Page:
Working with paint all day, every day can easily cause safety and health hazards without adequate precautions.
In older homes, getting air moving through is easier than modern homes, because new houses are 'tightly' built, meaning that ventilation has to be a conscious effort.
Proper ventilation during painting will benefit everyone.
If there is little or no ventilation during application, some people will suffer from health issues such as mild asthma or severe headaches that can last for some time after the actual painting process.
A properly ventilated room will also benefit the quality of the final job. A coat of paint on the walls and ceiling can add up to around 3,000 millilitres of water to the environment, so excessive humidity will impede the paint drying process, whereas adequate ventilation will speed up drying times.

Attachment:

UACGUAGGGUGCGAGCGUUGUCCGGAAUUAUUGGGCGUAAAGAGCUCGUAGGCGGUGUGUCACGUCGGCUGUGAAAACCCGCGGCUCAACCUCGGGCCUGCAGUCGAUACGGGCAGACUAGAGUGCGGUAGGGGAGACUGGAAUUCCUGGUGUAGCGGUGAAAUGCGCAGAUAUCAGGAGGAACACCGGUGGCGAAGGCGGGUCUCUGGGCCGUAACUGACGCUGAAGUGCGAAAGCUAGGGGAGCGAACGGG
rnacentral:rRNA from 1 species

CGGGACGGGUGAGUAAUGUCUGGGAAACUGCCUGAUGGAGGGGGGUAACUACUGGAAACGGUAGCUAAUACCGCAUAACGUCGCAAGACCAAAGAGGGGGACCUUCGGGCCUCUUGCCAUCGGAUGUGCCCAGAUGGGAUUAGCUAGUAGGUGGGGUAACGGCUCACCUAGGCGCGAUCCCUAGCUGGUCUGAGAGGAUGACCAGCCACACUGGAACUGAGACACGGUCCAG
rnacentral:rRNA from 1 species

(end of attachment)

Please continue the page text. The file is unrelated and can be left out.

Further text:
However, in cooler temperatures, the binder in waterborne paints becomes harder, and can be a less hospitable place for surfactants and thickeners. Coupled with poor ventilation, some of those materials can find their way to the surface of the paint, causing a 'smeary' look to the final job.
How to improve ventilation
Improving ventilation therefore has its benefits.
While both air blowing and extraction methods are helpful, research has suggested that air blowing is more efficient as extraction can create pockets of solvent vapour by channelling smooth airflow, whereas air blowing will cause turbulence, dispersing and pockets of solvents.
Apart from the obvious methods of opening windows and doors to create natural air flows, or using ceiling fans and other equipment already available in the area you're painting, investing in specialised fans can pay off for your health and your overall result.